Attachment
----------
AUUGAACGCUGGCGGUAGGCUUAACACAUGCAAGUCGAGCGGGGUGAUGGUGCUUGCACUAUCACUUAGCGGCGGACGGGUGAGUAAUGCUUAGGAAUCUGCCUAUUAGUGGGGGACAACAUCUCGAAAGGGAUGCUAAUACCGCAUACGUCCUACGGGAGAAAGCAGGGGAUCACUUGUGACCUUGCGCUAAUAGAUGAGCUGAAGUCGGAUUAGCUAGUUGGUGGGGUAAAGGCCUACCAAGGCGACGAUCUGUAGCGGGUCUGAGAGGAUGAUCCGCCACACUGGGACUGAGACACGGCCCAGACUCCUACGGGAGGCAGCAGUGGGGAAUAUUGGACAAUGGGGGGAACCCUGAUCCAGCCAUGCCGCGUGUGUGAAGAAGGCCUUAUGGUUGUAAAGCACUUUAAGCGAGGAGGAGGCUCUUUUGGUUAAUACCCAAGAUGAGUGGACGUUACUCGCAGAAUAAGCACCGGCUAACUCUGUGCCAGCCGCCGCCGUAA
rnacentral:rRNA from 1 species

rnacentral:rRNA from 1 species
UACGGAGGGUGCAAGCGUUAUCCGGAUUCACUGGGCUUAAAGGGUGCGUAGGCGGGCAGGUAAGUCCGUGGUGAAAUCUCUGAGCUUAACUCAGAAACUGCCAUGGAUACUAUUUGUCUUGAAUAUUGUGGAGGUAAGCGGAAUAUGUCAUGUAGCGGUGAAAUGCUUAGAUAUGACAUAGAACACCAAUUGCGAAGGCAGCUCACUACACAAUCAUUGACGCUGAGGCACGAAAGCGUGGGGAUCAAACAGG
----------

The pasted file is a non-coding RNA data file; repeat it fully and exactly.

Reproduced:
AUUGAACGCUGGCGGUAGGCUUAACACAUGCAAGUCGAGCGGGGUGAUGGUGCUUGCACUAUCACUUAGCGGCGGACGGGUGAGUAAUGCUUAGGAAUCUGCCUAUUAGUGGGGGACAACAUCUCGAAAGGGAUGCUAAUACCGCAUACGUCCUACGGGAGAAAGCAGGGGAUCACUUGUGACCUUGCGCUAAUAGAUGAGCUGAAGUCGGAUUAGCUAGUUGGUGGGGUAAAGGCCUACCAAGGCGACGAUCUGUAGCGGGUCUGAGAGGAUGAUCCGCCACACUGGGACUGAGACACGGCCCAGACUCCUACGGGAGGCAGCAGUGGGGAAUAUUGGACAAUGGGGGGAACCCUGAUCCAGCCAUGCCGCGUGUGUGAAGAAGGCCUUAUGGUUGUAAAGCACUUUAAGCGAGGAGGAGGCUCUUUUGGUUAAUACCCAAGAUGAGUGGACGUUACUCGCAGAAUAAGCACCGGCUAACUCUGUGCCAGCCGCCGCCGUAA
rnacentral:rRNA from 1 species

rnacentral:rRNA from 1 species
UACGGAGGGUGCAAGCGUUAUCCGGAUUCACUGGGCUUAAAGGGUGCGUAGGCGGGCAGGUAAGUCCGUGGUGAAAUCUCUGAGCUUAACUCAGAAACUGCCAUGGAUACUAUUUGUCUUGAAUAUUGUGGAGGUAAGCGGAAUAUGUCAUGUAGCGGUGAAAUGCUUAGAUAUGACAUAGAACACCAAUUGCGAAGGCAGCUCACUACACAAUCAUUGACGCUGAGGCACGAAAGCGUGGGGAUCAAACAGG